Multiple sclerosis: Drug boosts myelin regeneration in mice raising hope of future treatments for MS

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Multiple sclerosis: Drug boosts myelin regeneration in mice raising hope of future treatments for MS

A medication is being researched in mice that affects myelin regeneration in animals with multiple sclerosis.

A new treatment for people suffering from multiple sclerosis (MS) may be on its way, scientists claim, after tests on mice showed promising results. The drug fluorosamine – not yet approved for use in humans – has the potential to boost myelin regeneration, a key step in curing patients.

The research, published in Nature Communications, is based on the fact MS is caused by damage to myelin, the isolating sheath composed of lipids and proteins wrapped around nerve fibres in the brain and spinal cord.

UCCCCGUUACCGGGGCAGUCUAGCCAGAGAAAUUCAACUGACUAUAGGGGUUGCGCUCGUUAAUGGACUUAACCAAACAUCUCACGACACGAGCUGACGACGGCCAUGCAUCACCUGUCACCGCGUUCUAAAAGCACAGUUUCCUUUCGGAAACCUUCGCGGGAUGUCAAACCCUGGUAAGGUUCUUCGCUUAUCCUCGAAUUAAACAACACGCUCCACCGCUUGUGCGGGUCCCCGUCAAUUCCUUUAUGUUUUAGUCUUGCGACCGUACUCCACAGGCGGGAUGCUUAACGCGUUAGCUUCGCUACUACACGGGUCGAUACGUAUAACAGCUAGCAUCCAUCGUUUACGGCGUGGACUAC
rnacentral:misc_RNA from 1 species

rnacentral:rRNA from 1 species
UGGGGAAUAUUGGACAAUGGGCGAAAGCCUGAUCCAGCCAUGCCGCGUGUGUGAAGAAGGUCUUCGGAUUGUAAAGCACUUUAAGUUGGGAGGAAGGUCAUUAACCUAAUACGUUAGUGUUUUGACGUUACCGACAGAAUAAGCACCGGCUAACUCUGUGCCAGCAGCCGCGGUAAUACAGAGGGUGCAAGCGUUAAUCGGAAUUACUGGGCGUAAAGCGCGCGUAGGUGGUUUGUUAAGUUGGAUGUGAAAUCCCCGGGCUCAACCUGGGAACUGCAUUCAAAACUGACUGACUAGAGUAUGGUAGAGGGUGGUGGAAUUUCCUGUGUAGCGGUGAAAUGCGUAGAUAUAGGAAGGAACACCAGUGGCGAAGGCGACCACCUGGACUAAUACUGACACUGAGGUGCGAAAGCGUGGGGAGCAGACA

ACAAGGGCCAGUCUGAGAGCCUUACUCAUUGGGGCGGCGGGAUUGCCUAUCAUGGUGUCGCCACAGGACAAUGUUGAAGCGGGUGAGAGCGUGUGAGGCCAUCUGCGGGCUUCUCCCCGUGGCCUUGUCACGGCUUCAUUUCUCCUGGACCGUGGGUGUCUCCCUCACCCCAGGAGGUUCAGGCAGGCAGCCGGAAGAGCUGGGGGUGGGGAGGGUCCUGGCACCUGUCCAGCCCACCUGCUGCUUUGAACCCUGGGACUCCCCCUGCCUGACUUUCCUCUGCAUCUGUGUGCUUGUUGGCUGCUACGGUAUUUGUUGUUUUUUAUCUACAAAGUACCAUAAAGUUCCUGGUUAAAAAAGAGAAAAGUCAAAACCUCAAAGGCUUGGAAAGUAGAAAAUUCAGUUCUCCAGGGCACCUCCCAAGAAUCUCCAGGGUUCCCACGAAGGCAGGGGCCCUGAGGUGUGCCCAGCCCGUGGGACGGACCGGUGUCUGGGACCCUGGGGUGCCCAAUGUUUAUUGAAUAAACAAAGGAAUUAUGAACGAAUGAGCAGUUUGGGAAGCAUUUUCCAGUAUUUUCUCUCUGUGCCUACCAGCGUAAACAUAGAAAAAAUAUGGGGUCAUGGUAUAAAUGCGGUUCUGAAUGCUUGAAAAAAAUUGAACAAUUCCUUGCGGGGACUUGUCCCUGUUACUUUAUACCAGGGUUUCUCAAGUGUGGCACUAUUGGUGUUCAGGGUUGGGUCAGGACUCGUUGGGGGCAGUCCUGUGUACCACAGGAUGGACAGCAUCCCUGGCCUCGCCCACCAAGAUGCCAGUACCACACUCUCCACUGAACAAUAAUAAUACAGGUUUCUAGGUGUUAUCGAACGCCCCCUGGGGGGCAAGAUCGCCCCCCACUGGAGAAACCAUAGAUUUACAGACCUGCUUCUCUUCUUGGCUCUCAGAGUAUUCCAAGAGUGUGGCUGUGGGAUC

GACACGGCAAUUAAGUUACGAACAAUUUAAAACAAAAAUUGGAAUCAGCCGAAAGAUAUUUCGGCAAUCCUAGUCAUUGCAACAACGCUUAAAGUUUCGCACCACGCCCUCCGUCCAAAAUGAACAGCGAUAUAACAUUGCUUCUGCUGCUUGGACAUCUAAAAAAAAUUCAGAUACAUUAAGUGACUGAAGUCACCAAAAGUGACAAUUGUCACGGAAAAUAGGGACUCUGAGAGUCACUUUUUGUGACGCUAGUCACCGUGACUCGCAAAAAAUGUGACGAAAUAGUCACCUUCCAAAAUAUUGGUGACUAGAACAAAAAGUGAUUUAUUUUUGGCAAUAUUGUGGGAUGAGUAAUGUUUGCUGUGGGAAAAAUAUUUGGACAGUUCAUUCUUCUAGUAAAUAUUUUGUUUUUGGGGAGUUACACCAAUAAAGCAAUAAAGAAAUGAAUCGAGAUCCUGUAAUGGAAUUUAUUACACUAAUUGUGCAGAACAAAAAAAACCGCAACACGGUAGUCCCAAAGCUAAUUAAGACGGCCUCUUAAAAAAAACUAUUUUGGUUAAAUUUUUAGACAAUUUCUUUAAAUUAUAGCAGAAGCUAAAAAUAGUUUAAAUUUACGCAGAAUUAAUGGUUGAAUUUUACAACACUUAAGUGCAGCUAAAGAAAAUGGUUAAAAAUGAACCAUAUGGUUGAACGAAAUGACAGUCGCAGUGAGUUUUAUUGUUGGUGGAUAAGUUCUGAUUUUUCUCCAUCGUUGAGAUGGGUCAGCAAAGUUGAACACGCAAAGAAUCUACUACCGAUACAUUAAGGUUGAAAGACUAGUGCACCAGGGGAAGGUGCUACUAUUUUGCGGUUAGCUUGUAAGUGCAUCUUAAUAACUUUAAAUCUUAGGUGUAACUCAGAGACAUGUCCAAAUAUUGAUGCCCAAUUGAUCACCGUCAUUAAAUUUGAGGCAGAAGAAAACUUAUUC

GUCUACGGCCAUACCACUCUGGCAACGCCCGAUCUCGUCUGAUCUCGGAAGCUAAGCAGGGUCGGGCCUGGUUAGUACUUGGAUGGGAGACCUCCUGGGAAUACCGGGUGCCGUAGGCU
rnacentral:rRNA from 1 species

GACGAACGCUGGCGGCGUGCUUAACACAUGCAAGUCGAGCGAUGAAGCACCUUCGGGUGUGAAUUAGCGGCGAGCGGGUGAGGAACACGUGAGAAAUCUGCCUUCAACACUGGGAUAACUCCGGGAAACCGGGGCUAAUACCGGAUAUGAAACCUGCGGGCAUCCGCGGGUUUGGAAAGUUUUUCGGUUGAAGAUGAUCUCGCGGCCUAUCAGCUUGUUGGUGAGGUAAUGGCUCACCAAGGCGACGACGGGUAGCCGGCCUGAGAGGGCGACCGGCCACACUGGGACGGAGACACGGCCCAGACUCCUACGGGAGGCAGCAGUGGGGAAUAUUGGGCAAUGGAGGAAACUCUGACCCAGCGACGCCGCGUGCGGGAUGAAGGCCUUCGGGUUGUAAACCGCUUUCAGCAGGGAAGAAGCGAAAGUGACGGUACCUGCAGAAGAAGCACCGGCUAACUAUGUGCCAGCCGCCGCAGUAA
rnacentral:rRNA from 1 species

In patients with MS, the immune system attacks the myelin sheath. After that, myelin regeneration is often troublesome because specific molecular signals – called the CSPGs – block the production of cells known as OPCs, which are responsible for myelin production.

Using an MS mouse model, the researchers discovered evidence that fluorosamine can help tackle this specific problem, triggering the growth of OPCs in the presence of CSPGs.

Read Full Article: Multiple sclerosis: Drug boosts myelin regeneration in mice raising hope of future treatments for MS

Read Full Article: Multiple sclerosis: Drug boosts myelin regeneration in mice raising hope of future treatments for MS

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